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The Evolution Of Music Part - X TRANCE

Trance is a genre of electronic in the 1990s. Trance music is generally characterized by a tempo of between 130 and 155 BPM (beats per minute), short melodic synthesizer phrases, and a musical form that builds up and down throughout a track. It is a combination of many forms of music such as industrial, techno, and house. The origin of the term is uncertain, with some suggesting that the term is derived from the Klaus Schulze album Trancefer (1981) or the early trance act Dance 2 Trance. In any case, the name is undoubtedly linked to the perceived ability of music to induce an altered state of consciousness known as a trance. Add a comment Read more...

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The Evolution Of Music Part-III Jazz

Jazz is a kind of music characterized by swung and blue notes, call and response vocals, polyrhythms and improvisation. Though originally a kind of dance music, jazz has been a major part of popular music, and has also become a major element of Western classical music. Jazz has roots in West African cultural and musical expression, and in African American music traditions including blues and ragtime, as well as European military band music. Early jazz was closely related to ragtime, with which it could be distinguished by the use of more intricate rhythmic improvisation. The earliest jazz bands adopted much of the vocabulary of the blues, including bent and blue notes and instrumental ‘growls’ and smears otherwise not used on European instruments. Jazz’s roots come from the city of New Orleans, Louisiana, populated by Cajuns and black Creoles, who combined the French-Canadian culture of the Cajuns with their own styles of music in the 19th century.

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The Evolution Of Music Part-V

R & B and Soul

R&B, an abbreviation for rhythm and blues, is a style that arose in the 1930s and 1940s. Early R&B consisted of large rhythm units “smashing away behind screaming blues singers (who) had to shout to be heard above the clanging and strumming of the various electrified instruments and the churning rhythm sections”. R&B was not extensively recorded and promoted because record companies felt that it was not suited for most audiences, especially middle-class whites, because of the suggestive lyrics and driving rhythms.

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The Evolution Of  Music-Part I

In layman’s terms, music can be defined as an art form whose medium is sound organised in time. This art form, regardless of genre (and there are an innumerable number of them) is governed by different elements such as pitch (which affect the melody and harmony), rhythm (which affect the tempo, meter and articulation), dynamics and the sonic qualities of timbre and texture.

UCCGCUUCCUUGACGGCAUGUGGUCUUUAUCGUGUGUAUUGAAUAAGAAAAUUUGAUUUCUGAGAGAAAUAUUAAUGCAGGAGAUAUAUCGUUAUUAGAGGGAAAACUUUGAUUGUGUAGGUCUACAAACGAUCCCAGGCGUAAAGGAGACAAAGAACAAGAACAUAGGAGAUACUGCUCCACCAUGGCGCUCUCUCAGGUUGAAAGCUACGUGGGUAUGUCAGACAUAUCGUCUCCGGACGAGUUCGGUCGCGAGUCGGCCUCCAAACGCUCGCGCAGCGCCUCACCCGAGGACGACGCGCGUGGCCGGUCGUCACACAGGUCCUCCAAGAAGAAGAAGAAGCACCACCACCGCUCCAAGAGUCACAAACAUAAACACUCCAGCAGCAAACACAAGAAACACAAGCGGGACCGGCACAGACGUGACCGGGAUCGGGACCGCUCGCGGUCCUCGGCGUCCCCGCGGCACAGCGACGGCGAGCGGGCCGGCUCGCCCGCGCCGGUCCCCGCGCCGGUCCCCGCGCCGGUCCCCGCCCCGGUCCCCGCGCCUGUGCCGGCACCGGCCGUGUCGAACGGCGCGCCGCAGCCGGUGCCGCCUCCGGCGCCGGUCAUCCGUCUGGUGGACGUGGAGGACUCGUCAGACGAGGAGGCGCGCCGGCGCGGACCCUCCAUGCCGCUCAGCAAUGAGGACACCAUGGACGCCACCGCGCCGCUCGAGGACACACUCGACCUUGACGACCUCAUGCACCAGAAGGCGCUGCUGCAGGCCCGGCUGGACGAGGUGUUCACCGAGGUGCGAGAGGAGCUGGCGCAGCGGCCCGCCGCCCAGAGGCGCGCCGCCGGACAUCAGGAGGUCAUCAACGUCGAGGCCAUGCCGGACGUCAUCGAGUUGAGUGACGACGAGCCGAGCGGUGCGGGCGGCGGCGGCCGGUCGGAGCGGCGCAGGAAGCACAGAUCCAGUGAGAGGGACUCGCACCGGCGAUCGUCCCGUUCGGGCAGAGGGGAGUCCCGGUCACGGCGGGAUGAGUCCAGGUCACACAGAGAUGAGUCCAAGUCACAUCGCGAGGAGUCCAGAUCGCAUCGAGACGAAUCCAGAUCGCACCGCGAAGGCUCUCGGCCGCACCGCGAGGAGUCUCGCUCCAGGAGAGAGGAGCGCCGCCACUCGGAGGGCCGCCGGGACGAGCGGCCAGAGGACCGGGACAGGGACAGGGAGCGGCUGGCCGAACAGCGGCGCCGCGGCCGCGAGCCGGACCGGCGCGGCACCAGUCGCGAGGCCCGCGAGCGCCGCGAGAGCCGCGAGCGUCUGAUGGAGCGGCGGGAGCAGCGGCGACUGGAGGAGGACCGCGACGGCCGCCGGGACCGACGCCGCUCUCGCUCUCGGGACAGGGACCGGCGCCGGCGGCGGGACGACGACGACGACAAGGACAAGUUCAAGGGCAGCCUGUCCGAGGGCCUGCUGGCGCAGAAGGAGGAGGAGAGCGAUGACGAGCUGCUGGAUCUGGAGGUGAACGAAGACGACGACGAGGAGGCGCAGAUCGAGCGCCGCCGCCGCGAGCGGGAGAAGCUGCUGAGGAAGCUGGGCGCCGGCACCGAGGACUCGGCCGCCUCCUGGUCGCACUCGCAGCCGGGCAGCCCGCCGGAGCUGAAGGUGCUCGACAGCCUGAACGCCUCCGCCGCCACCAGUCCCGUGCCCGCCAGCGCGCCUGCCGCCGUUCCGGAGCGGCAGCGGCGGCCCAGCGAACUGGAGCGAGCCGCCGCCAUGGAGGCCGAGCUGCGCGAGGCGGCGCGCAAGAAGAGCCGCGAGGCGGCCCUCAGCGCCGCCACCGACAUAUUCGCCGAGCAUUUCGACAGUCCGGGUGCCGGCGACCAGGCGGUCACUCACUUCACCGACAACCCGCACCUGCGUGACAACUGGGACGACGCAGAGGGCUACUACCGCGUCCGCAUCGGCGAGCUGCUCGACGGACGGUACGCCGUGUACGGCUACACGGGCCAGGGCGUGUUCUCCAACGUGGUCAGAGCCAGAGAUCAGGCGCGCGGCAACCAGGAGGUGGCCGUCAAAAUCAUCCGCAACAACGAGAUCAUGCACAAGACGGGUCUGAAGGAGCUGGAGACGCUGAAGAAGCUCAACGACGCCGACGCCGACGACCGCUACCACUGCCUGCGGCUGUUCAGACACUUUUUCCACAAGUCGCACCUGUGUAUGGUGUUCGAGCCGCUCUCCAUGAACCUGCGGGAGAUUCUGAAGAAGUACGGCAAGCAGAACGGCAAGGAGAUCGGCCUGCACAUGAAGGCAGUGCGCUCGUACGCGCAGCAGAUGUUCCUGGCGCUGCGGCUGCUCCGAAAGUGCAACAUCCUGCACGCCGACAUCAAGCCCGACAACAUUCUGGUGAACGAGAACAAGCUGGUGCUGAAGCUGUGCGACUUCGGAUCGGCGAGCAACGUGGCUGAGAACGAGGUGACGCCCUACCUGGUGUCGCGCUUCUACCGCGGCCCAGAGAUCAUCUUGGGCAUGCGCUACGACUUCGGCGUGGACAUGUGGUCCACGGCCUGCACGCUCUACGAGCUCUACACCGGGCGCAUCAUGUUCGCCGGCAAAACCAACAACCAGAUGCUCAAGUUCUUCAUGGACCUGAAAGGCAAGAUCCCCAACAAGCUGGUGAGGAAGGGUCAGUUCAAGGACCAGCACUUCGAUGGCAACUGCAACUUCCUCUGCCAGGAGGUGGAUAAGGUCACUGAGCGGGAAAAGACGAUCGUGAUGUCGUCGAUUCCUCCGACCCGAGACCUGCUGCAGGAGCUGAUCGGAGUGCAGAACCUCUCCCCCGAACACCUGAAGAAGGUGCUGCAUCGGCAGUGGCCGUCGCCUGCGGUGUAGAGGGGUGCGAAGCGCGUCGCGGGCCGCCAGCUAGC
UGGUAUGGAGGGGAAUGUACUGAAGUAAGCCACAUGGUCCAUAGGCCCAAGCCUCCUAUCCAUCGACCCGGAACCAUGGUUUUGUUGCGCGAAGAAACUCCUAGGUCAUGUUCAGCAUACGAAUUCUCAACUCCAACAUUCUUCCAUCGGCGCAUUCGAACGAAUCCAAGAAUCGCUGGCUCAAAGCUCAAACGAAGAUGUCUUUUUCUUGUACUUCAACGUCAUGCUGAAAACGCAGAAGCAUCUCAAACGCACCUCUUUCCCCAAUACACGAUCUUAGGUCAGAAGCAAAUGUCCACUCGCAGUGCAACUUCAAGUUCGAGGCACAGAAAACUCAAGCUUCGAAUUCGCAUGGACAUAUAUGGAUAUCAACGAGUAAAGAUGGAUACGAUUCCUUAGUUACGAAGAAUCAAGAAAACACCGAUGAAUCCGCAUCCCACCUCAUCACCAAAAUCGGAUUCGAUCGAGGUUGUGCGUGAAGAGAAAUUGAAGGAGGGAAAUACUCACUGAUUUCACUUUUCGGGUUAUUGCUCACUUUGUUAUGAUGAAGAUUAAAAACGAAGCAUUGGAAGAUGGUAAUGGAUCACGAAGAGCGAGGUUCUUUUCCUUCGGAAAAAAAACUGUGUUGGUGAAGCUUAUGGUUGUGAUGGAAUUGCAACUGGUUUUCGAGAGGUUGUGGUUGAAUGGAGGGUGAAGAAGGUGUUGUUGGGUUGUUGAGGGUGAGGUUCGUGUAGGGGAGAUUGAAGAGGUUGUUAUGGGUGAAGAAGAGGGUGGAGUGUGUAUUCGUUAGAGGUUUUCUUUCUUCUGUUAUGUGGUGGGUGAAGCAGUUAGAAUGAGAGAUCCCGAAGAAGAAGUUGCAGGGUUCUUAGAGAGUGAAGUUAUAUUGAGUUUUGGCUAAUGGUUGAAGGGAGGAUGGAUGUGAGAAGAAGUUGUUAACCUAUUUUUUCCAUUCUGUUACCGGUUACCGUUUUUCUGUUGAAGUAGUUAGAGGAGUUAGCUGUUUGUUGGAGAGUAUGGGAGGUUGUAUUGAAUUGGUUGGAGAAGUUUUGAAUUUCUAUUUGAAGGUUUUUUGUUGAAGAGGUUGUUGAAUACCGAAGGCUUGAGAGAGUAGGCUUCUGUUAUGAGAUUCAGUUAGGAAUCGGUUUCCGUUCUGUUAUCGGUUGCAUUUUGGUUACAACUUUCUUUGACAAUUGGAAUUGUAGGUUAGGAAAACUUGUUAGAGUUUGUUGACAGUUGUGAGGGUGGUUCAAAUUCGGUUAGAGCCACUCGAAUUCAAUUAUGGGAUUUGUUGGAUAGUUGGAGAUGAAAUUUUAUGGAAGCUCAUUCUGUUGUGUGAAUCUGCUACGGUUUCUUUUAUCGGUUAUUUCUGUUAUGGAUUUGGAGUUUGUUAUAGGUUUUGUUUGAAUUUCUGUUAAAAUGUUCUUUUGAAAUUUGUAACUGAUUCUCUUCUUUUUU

Music is as varied as is culture and race. What is considered music often differs from culture to culture, race to race and from age group to age group; what a 60 year old man considers soothing and enjoyable music can be considered by a spikey haired, tattoo donning rebel clad in denim or leather as slow and boring. Similarly, what appeals to a wannabe rap star may present itself as incoherent ‘talking’ as opposed to singing by someone who enjoys the blues. The point here is that music is a very subjective term with seemingly innumerable genres and sub genres. So, how is one to decide which type of music is best suited for oneself let alone differentiate between the types?Though it can do little to sway a person’s opinion on what actually is ‘good’ music, this column will endeavour, to the best of its abilities, to give you a better understanding of this vast world of music and its different spin offs. Add a comment Read more...
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The Evolution Of Music Part-VI

Rock music

Rock and roll developed out of country, blues, and R&B. Rock’s exact origins and early influences have been hotly debated, and are the subjects of much scholarship. Though squarely in the blues tradition, rock took elements from Afro-Caribbean and Latin musical techniques. Rock was an urban style, formed in the areas where diverse populations resulted in the mixtures of African American, Latin

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Music - The Evolution Of Music Part - II

Categorising music and breaking it down into genres and sub – genres on a global scale is one hell of a daunting task. Keeping that in mind, we have focused on the music of the United States of America which has often been termed as a melting pot of diverse styles of music. This, one has to attribute to large scale immigration and slavery. This brought a lot of musical styles into direct contact with each other, resulting in a lot of fusion and hybridization of the pre existing styles. Elements of foreign music arrived in the United States both through

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